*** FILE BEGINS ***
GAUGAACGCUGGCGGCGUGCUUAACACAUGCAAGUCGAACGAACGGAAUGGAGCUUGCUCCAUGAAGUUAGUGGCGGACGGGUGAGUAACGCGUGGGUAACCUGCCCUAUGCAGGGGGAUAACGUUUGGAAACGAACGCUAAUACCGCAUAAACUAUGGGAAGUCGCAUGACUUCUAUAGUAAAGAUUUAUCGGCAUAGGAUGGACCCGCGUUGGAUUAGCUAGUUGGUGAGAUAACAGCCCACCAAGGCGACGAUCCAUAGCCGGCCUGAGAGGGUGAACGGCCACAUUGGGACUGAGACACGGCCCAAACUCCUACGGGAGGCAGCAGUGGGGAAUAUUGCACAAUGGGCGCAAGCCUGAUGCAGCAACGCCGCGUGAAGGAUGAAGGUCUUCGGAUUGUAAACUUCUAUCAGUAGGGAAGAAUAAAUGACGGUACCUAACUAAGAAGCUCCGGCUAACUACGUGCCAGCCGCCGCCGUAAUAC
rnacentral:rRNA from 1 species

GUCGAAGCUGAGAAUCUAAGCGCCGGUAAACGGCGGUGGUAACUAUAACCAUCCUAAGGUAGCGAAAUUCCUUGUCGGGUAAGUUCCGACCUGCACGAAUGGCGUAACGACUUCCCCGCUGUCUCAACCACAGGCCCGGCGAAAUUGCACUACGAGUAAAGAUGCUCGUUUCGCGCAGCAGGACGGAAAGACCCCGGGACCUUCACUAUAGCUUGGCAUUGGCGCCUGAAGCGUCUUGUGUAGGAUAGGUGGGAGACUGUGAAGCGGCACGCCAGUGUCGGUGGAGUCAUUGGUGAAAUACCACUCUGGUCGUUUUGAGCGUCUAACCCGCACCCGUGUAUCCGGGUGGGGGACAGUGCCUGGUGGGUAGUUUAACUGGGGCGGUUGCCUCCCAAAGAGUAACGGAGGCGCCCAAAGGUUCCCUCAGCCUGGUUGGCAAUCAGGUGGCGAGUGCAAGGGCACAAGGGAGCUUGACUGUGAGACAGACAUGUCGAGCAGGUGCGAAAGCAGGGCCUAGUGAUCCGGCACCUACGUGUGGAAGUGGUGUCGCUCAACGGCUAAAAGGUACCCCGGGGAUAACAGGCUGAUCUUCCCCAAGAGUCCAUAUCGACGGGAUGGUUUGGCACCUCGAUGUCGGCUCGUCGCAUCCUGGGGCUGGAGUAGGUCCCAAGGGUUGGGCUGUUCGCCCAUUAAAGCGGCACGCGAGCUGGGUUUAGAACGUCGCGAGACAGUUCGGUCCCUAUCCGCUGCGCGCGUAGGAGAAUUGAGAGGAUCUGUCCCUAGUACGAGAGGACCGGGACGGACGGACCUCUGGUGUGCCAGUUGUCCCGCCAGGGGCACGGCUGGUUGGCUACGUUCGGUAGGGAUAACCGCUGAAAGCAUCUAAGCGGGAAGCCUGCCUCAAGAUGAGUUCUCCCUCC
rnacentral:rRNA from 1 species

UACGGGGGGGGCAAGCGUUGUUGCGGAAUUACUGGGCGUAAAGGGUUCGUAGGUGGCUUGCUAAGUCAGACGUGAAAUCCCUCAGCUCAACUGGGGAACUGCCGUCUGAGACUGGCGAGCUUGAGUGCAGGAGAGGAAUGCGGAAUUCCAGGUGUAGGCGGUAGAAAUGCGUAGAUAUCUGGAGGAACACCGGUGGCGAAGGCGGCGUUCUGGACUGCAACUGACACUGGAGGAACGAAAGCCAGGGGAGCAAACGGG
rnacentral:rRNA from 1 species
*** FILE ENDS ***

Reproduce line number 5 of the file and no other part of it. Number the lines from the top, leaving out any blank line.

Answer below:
UACGGGGGGGGCAAGCGUUGUUGCGGAAUUACUGGGCGUAAAGGGUUCGUAGGUGGCUUGCUAAGUCAGACGUGAAAUCCCUCAGCUCAACUGGGGAACUGCCGUCUGAGACUGGCGAGCUUGAGUGCAGGAGAGGAAUGCGGAAUUCCAGGUGUAGGCGGUAGAAAUGCGUAGAUAUCUGGAGGAACACCGGUGGCGAAGGCGGCGUUCUGGACUGCAACUGACACUGGAGGAACGAAAGCCAGGGGAGCAAACGGG